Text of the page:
Jerry's most-used apps of 2011

I'm not a big app guy, I'll admit.  I like to check them out, and maybe even keep them around for a week or so, but there's just a few I keep around forever.  I do happen to like buying them and checking them out, though, so I go through a lot of them.  Here's my list of "keepers." Check them out after the break.

Also: Phil's most-used apps of 2011

1. Wifi File Explorer Pro

I hate hooking my phone up to a computer.  Scrounging up a cable and mounting drives seems to take longer than whatever I need to do, so I found a solution that keeps me from having to do it.  Run Wifi File Explorer from a shortcut on my homescreen, then click a bookmark in my browser window and I have access to what's on my phone.  You can download, upload, delete, rename -- anything you could do if you were connected.  Best couple of bucks I ever spent. 

2. AudioManager Pro

Not only is it a quick way to access all the volume controls (even the ones you can't get to from settings), but AudioManager Pro has profile support and scheduling.  I can set my phone to shut the hell up when I am getting my beauty sleep, or be loud and proud when I'm awake and it does it all automagically.  And when I need to mute the volume for a call or a meeting of some sort, I can set it to automatically restore my profile after a set time.  I love it when things are automated -- it feels like the future.

3. Vlingo

Yes, I talk to my phone.  I usually only do it when nobody is looking, and I don't want it to talk back or try to tell me jokes -- I want it to listen, do as it's told, then leave me alone until the next time.  And I want it to do it over Bluetooth (wow, I never realized how demanding I was).  I've not yet found any application on any platform that will do all this, except for Vlingo.  It works so well I'm not upset about having to buy it on three different platforms, nor do I worry about the $10 I spent right before it went free on Android.  Being able to tell my phone to e-mail or message someone while it's in my pocket, then trusting that it will do it right is more than worth it.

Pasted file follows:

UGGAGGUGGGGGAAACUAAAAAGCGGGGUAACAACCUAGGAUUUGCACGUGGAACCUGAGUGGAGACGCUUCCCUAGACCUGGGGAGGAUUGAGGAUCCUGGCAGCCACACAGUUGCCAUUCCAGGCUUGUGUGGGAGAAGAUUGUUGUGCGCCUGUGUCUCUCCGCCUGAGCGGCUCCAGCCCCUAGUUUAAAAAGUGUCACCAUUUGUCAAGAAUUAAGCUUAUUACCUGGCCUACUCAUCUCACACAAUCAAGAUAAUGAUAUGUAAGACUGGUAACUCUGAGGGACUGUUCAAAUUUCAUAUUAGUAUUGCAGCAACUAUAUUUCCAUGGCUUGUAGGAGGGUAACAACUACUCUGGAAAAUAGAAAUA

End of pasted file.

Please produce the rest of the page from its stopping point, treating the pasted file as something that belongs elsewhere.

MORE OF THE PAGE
4. Swiftkey X

Sometimes I can't talk to my phone, or I don't want to look like "that guy" talking to his phone at the mall or the train station.  And I'm a man with large, non-transparent thumbs, so swiping letters is out of the question -- I need to see what I'm typing.  Swiftkey is also magical, and can almost finish every sentence I start.  This impresses me, and anytime I can feel that "cool factor" we all felt when we first used an Android phone again is OK in my book.  When the Android browser reaches a point where we can write blog posts from our phones or tablets, I'll be writing mine with Swiftkey X.

5. mSecure

I'll admit it -- I'm a tiny bit paranoid when it comes to computer security and my passwords.  I never use the same one twice, and I like absolutely random strings of symbols, numbers, and letters instead of just "pa55w0rd."  I'm also a bit forgetful, so I need a password manager.  With mSecure, I can use the same password database across my desktop and my mobile via Dropbox, and all I have to do is copy/paste.  I like things that make it easy, and will try everything until I find something that works well for me, and mSecure does just that.